[dropcap1]W[/dropcap1]e all love the smell of a new car, but hate the haggling element of the car buying process. But now, new online tools and services are making it possible for you to buy a car online without doing the in-store haggle.
But, like the wine industry, the eye contacts industry, and the real-estate industry, entrenched legacy interests are trying to stop you from using the internet to save money and get better products. But the irony is, the internet is actually helping car dealers make sales while helping consumers feel better about their purchase: a win-win.
Because of the internet more people have more access to more information than at any other time in history. Now, instead of relying on a dealer to tell you the price, websites and services like Kbb.com, Edmunds.com, and TrueCar.com provide you with lots of information about the cost of a new car and recent car sales. This makes you a more informed consumer when you buy a car.
This change of information asymmetry is great for you, but can scare some legacy interests. Legacy interests, who are adverse to any change in the way they do business.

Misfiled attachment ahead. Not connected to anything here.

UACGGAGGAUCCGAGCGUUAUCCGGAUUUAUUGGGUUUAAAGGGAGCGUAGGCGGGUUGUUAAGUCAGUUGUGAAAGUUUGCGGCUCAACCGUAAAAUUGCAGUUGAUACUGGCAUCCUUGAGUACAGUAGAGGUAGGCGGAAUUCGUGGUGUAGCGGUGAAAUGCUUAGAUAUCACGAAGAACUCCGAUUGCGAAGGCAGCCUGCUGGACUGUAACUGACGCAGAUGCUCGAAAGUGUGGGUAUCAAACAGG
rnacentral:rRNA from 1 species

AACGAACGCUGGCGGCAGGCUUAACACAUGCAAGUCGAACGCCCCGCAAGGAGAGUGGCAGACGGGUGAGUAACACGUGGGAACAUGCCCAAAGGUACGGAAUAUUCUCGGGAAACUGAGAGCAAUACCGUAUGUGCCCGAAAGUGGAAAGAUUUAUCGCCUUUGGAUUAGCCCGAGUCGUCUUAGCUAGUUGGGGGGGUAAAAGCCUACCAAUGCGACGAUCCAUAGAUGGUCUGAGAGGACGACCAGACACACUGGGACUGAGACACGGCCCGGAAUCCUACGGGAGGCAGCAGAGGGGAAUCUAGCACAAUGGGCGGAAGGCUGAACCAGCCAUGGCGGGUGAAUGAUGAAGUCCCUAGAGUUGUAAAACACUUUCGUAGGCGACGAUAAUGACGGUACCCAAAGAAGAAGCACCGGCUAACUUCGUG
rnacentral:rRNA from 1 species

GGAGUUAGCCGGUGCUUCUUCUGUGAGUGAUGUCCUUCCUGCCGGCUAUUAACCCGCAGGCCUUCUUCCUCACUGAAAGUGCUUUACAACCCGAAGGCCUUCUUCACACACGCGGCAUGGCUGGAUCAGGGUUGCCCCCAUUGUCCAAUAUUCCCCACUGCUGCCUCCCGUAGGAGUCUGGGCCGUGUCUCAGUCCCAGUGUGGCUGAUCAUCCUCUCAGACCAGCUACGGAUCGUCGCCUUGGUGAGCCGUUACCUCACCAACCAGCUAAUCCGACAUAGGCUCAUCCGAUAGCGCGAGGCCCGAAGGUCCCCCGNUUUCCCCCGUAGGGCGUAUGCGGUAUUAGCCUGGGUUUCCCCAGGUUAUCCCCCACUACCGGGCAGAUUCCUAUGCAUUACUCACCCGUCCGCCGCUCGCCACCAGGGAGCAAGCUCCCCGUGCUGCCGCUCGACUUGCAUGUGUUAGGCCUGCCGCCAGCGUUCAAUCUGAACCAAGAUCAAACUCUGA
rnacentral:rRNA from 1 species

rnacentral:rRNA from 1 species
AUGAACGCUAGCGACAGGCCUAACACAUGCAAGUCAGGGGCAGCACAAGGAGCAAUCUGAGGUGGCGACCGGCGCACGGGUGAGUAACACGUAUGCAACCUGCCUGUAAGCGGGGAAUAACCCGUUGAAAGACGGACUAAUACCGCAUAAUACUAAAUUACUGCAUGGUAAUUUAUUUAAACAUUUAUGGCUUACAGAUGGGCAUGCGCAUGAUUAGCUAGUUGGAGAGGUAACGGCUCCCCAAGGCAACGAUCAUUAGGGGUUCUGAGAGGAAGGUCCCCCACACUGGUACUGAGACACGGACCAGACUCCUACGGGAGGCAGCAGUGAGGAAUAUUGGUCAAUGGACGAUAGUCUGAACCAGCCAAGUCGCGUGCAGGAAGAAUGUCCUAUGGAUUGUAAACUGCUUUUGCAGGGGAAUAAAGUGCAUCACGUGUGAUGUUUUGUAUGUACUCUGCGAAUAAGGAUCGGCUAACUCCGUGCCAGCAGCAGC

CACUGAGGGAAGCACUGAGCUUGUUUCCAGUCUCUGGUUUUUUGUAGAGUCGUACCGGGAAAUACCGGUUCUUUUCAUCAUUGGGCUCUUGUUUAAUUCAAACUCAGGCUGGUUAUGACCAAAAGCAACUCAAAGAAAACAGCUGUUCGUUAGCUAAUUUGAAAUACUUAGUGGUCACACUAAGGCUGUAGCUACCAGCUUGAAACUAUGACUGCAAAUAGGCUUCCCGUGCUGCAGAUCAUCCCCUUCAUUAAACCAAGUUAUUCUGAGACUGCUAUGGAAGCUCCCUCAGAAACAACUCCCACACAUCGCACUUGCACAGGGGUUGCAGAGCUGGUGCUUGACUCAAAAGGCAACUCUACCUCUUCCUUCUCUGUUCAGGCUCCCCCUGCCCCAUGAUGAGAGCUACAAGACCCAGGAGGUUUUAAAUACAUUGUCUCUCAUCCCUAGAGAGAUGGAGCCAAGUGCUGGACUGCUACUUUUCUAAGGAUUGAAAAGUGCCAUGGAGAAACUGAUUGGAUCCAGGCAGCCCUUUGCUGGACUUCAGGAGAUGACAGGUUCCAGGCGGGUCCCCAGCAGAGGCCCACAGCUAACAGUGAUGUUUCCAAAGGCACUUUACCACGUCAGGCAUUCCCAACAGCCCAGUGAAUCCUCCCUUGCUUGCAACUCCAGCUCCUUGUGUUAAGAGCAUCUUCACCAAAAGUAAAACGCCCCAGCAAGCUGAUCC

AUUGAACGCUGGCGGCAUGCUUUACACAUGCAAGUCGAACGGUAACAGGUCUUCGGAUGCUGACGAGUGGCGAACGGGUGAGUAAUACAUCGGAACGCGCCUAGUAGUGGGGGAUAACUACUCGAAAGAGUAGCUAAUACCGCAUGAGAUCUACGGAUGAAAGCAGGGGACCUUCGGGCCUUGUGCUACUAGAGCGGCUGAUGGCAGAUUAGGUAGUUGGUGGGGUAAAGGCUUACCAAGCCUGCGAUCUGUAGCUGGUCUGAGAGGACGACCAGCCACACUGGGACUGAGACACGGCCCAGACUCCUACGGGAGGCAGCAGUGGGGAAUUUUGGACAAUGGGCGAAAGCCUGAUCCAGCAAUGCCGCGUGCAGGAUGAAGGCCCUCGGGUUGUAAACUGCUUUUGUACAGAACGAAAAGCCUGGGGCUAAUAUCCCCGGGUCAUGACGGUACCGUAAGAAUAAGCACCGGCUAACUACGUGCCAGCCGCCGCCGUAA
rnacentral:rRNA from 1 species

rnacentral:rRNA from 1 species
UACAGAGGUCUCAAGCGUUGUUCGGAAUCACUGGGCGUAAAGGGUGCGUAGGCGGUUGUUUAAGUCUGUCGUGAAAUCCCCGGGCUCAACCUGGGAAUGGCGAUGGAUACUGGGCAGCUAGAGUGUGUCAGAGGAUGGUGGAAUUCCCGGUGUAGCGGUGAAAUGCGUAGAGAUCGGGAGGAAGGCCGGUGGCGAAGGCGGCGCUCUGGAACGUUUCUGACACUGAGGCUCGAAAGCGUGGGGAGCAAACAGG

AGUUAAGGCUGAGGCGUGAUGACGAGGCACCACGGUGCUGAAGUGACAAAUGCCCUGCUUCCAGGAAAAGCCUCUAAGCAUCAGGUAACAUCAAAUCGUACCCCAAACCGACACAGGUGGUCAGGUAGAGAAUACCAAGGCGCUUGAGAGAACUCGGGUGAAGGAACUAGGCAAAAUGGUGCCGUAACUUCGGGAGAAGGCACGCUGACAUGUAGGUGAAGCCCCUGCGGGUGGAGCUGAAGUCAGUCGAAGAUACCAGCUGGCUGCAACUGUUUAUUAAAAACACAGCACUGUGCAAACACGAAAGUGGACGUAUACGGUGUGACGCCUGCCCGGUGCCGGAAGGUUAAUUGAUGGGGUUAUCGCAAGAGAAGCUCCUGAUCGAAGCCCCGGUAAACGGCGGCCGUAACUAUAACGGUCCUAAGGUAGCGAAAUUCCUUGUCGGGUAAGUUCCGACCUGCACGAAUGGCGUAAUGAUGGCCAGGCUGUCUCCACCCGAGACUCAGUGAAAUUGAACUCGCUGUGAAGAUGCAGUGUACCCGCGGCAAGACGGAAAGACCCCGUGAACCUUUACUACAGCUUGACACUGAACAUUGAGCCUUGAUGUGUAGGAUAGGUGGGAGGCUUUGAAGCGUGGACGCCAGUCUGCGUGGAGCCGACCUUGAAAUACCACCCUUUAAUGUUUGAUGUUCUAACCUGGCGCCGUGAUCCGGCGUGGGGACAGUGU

For example, from the earliest days of the automobile until now, haggling has been a fixture of the retail car buying experience. Lengthy price negotiations where the information available to you, especially relating to price, came from a single source, the salesman you met on the lot. This created an image of the car-buying process that persists in almost everyone’s head. Eventually, a simple truth emerged; remove haggling from the equation, give you more information and price confidence, and a new era could be born. A new era with positive benefits for you and the dealers.
Now, that era is upon us. Consumers are turning to websites like TrueCar to help eliminate the hassle of the haggle. Read more